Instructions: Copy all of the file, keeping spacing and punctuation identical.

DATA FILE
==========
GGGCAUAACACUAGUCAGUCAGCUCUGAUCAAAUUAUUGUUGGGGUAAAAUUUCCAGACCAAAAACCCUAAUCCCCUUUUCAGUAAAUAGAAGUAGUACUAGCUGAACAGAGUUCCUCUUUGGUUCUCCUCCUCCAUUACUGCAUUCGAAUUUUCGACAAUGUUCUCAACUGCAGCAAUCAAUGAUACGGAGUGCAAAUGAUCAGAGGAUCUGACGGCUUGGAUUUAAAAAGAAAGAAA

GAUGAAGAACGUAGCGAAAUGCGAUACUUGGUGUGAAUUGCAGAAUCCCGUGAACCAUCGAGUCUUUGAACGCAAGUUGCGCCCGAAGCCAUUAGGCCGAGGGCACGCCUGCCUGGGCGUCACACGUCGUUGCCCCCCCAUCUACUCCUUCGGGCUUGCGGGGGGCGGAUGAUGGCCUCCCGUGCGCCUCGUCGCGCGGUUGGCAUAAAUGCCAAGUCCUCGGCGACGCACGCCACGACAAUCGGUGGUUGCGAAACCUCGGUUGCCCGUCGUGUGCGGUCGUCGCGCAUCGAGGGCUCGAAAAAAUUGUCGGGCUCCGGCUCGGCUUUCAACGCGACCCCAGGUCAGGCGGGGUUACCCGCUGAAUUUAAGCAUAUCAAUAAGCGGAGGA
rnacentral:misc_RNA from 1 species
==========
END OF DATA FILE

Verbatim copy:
GGGCAUAACACUAGUCAGUCAGCUCUGAUCAAAUUAUUGUUGGGGUAAAAUUUCCAGACCAAAAACCCUAAUCCCCUUUUCAGUAAAUAGAAGUAGUACUAGCUGAACAGAGUUCCUCUUUGGUUCUCCUCCUCCAUUACUGCAUUCGAAUUUUCGACAAUGUUCUCAACUGCAGCAAUCAAUGAUACGGAGUGCAAAUGAUCAGAGGAUCUGACGGCUUGGAUUUAAAAAGAAAGAAA

GAUGAAGAACGUAGCGAAAUGCGAUACUUGGUGUGAAUUGCAGAAUCCCGUGAACCAUCGAGUCUUUGAACGCAAGUUGCGCCCGAAGCCAUUAGGCCGAGGGCACGCCUGCCUGGGCGUCACACGUCGUUGCCCCCCCAUCUACUCCUUCGGGCUUGCGGGGGGCGGAUGAUGGCCUCCCGUGCGCCUCGUCGCGCGGUUGGCAUAAAUGCCAAGUCCUCGGCGACGCACGCCACGACAAUCGGUGGUUGCGAAACCUCGGUUGCCCGUCGUGUGCGGUCGUCGCGCAUCGAGGGCUCGAAAAAAUUGUCGGGCUCCGGCUCGGCUUUCAACGCGACCCCAGGUCAGGCGGGGUUACCCGCUGAAUUUAAGCAUAUCAAUAAGCGGAGGA
rnacentral:misc_RNA from 1 species